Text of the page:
Leinster’s lack of attention to detail leaves a lot to be
AT the press conference after Leinster’s win over Cardiff last weekend, Leo Cullen quickly turned his thoughts to South Africa. The squad would fly out on the Tuesday, he said. There was great excitement. He was up for it himself as, despite a long and successful rugby career, he had never been to South Africa. Pack yisser bags lads.
Lucky for Leo there has been no falling out between Ireland and South Africa on the immigration front, so access for him is not an issue. Not so lucky for Leo the same is not the case between New Zealand and South Africa. So before clearing immigration in Joburg last week already he was minus his captain, Isa Nacewa — or Visa Nacewa as we saw him referred to — and Jamison Gibson-Park.
Immediately it brought back memories of Felipe Contepomi having to sit out the pool stages of the Heineken Cup, in 2003/’04. Leinster had forgotten to sort the right paperwork for him. Their appeal was rejected. The then manager Ken Ging was handed the can and in fairness to him, carried it off with some dignity.
Interestingly there are no volunteers to make that walk this time, despite senior management having swooped successfully to carry off the PR Clusterfuck 2017 award.
First, the administrative error. We suspect the average family going outside the EU on holiday would at least ask the question about visas. But it’s conceivable they might forget. It’s reasonable, however, to expect higher standards of a professional sports organisation. They get paid well to eliminate the kind of human errors the rest of us make as a matter of course.
PRO14 claim they made all the clubs aware of the visa issues involved and went so far as to include a template on how to apply. They are unsure exactly when these documents were sent out, exactly to whom, and how many were confirmed as received. Even if they were all received it’s unclear how many of them were read.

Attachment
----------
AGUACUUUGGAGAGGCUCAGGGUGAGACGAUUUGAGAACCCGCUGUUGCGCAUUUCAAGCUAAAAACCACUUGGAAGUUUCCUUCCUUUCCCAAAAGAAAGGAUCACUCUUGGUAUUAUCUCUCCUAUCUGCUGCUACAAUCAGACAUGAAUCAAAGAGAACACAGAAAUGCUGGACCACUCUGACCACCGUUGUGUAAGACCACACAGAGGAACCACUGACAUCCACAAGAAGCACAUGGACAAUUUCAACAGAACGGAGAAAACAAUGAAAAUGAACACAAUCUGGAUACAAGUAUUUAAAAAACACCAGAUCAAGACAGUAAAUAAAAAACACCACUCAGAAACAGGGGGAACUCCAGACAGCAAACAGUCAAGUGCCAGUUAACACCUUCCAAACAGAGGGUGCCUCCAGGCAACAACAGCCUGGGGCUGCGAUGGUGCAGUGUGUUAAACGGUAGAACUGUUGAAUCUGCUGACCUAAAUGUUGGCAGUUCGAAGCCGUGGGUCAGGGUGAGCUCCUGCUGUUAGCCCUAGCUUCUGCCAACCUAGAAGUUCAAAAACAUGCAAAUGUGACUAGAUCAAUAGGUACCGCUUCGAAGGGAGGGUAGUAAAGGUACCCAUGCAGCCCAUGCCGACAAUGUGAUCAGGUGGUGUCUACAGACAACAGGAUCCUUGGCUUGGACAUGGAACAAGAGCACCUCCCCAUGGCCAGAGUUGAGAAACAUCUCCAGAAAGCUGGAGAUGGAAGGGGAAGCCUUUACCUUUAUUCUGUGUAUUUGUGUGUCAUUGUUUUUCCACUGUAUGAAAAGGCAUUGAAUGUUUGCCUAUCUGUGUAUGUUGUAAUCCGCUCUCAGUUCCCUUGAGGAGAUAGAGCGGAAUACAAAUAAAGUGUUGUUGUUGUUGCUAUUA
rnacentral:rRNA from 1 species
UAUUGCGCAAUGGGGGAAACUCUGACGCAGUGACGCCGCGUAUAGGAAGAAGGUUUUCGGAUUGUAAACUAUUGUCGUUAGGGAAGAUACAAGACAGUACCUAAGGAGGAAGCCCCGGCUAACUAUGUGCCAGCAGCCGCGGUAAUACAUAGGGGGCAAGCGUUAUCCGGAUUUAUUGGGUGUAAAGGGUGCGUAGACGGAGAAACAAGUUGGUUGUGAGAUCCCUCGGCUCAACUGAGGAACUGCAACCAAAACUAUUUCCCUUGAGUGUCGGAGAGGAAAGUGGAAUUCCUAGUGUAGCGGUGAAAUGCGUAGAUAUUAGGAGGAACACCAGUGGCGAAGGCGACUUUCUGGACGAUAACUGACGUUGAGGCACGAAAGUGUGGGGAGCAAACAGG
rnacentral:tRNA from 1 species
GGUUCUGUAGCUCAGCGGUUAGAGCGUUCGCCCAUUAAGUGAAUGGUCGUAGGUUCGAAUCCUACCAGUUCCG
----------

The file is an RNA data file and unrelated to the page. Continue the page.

Given the haste with which the tournament was put together there was a blizzard of paperwork in the air. Others, like the Ospreys who head off in 10 days, managed to read the important bits. Clearly Leinster didn’t.
Second was their reaction to the mistake. PR folks will tell you not to open your gob until you know what you’re talking about. In Leinsterland they put together a hat-trick of own goals: they issued a statement saying the lads were in limbo, but gave no info on how they would get through the gates; worse again, with staggering arrogance they effectively told their stakeholders to bugger off, that there would be no further comment; then when Guy Easterby, head of rugby operations, came out with his hands up, he never bothered to acknowledge those primary stakeholders: the fans and the sponsors.
For a man viewed as a potential Leinster CEO of the future, this was less than a master class. Between Easterby and the senior management team led by existing CEO Mick Dawson, Leinster demonstrated a poor grasp of the basics.
It’s been suggested that the absence from the tour of Leinster’s communications manager was a flaw. Maybe if PRO14 been more generous in the number of personnel they were prepared to fund — they bankroll a set number for these South African trips — a communications professional would have gone. Perhaps if Leinster put a higher store on their media relations they would have funded the travel of such a person themselves. In any case, communication with home wasn’t the issue so the crisis could have been managed. Rather it was all about attention to detail, before and after the event.
There was a blizzard of paperwork